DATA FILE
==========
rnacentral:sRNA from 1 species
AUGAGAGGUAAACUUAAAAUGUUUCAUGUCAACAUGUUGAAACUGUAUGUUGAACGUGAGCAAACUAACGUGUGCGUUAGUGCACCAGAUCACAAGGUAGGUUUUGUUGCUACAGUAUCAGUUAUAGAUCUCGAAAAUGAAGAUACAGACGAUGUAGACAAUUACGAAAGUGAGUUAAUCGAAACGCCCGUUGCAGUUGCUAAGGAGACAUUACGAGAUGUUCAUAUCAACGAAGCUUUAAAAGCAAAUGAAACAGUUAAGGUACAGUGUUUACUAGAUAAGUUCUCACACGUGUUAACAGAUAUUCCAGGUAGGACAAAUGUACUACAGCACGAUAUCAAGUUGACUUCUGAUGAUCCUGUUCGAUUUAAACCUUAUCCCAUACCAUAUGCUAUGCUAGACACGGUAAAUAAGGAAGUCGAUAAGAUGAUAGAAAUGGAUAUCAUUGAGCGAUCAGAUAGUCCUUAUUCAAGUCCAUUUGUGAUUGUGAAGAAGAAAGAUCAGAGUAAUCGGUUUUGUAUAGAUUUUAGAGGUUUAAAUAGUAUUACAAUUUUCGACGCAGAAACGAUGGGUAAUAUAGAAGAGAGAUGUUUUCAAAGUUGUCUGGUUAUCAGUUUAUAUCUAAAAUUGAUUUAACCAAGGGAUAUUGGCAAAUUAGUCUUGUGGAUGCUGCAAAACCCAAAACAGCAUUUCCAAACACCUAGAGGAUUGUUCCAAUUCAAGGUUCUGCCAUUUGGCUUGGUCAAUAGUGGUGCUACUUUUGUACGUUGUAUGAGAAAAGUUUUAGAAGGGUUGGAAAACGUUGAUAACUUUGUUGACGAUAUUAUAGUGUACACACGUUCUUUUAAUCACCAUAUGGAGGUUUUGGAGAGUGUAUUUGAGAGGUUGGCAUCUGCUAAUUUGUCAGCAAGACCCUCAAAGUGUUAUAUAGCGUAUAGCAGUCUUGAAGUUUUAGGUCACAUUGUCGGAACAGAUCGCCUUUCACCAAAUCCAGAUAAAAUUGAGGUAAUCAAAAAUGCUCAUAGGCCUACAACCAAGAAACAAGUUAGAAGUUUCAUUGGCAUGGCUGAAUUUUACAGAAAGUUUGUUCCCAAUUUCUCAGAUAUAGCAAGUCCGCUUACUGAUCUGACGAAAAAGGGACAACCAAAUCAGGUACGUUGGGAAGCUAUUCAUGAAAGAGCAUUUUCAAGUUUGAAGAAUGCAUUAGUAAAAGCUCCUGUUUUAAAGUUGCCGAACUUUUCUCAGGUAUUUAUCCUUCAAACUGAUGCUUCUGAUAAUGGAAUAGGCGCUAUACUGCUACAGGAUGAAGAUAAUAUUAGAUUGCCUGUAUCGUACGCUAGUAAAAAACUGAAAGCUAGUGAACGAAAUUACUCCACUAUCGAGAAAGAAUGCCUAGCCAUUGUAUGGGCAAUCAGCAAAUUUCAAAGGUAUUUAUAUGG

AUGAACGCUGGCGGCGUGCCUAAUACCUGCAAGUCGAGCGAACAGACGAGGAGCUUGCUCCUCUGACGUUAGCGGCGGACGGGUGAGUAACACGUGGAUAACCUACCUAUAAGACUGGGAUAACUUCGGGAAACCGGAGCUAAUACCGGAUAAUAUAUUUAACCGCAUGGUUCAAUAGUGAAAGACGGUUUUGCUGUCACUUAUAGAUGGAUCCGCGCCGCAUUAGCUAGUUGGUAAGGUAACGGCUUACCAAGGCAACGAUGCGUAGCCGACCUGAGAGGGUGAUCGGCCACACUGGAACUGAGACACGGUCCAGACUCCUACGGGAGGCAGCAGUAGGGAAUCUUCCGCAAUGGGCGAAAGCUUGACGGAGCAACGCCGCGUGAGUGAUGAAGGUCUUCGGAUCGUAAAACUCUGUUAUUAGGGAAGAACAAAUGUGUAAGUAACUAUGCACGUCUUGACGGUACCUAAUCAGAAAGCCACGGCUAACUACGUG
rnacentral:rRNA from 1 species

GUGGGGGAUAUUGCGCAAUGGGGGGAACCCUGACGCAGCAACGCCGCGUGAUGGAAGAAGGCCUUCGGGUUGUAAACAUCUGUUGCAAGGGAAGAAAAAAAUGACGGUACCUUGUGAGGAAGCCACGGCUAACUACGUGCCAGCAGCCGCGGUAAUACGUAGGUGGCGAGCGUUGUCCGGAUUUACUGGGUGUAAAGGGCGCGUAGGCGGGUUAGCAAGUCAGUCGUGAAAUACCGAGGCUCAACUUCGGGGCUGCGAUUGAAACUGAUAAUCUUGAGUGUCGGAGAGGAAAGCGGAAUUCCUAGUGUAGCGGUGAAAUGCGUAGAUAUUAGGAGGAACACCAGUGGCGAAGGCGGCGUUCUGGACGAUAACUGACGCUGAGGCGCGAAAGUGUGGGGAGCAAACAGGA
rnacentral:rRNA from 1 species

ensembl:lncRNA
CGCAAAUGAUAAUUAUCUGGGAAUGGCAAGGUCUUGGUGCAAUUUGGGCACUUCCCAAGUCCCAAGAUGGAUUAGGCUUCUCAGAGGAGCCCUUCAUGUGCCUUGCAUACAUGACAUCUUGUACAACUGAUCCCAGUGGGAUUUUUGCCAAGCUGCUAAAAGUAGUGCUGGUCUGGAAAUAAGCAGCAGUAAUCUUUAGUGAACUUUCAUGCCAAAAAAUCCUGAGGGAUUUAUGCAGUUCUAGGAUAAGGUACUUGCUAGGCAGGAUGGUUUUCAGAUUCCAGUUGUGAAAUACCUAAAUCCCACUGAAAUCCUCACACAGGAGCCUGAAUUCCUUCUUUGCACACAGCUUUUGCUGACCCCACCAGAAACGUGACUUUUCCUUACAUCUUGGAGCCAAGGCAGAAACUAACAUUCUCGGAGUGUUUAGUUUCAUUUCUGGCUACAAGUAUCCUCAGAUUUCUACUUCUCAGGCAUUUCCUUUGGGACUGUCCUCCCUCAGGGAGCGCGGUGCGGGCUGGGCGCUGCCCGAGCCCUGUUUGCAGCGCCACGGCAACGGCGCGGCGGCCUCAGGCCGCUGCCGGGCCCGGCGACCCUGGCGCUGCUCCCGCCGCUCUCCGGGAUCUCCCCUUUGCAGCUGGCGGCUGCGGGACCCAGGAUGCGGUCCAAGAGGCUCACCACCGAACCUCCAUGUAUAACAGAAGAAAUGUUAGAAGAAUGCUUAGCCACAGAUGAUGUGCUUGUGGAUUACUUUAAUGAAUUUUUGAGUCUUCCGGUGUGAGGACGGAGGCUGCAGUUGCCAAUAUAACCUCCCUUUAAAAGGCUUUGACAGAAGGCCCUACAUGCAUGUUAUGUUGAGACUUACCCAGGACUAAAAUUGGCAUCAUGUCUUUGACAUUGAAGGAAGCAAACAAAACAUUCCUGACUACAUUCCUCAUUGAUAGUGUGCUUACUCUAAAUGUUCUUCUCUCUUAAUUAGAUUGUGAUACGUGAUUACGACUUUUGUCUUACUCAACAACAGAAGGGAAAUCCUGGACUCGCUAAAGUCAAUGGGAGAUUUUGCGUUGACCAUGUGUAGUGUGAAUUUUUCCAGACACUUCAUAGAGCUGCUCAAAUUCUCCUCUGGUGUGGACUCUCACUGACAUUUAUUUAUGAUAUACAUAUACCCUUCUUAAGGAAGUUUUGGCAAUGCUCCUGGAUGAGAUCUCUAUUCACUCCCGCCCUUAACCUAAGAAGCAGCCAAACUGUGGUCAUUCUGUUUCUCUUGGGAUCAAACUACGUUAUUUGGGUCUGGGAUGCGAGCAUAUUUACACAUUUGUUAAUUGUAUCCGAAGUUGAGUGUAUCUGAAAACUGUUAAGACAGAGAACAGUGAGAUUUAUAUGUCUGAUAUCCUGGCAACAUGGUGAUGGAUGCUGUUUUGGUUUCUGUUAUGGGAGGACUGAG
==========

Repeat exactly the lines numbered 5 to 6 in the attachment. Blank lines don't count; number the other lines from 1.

GUGGGGGAUAUUGCGCAAUGGGGGGAACCCUGACGCAGCAACGCCGCGUGAUGGAAGAAGGCCUUCGGGUUGUAAACAUCUGUUGCAAGGGAAGAAAAAAAUGACGGUACCUUGUGAGGAAGCCACGGCUAACUACGUGCCAGCAGCCGCGGUAAUACGUAGGUGGCGAGCGUUGUCCGGAUUUACUGGGUGUAAAGGGCGCGUAGGCGGGUUAGCAAGUCAGUCGUGAAAUACCGAGGCUCAACUUCGGGGCUGCGAUUGAAACUGAUAAUCUUGAGUGUCGGAGAGGAAAGCGGAAUUCCUAGUGUAGCGGUGAAAUGCGUAGAUAUUAGGAGGAACACCAGUGGCGAAGGCGGCGUUCUGGACGAUAACUGACGCUGAGGCGCGAAAGUGUGGGGAGCAAACAGGA
rnacentral:rRNA from 1 species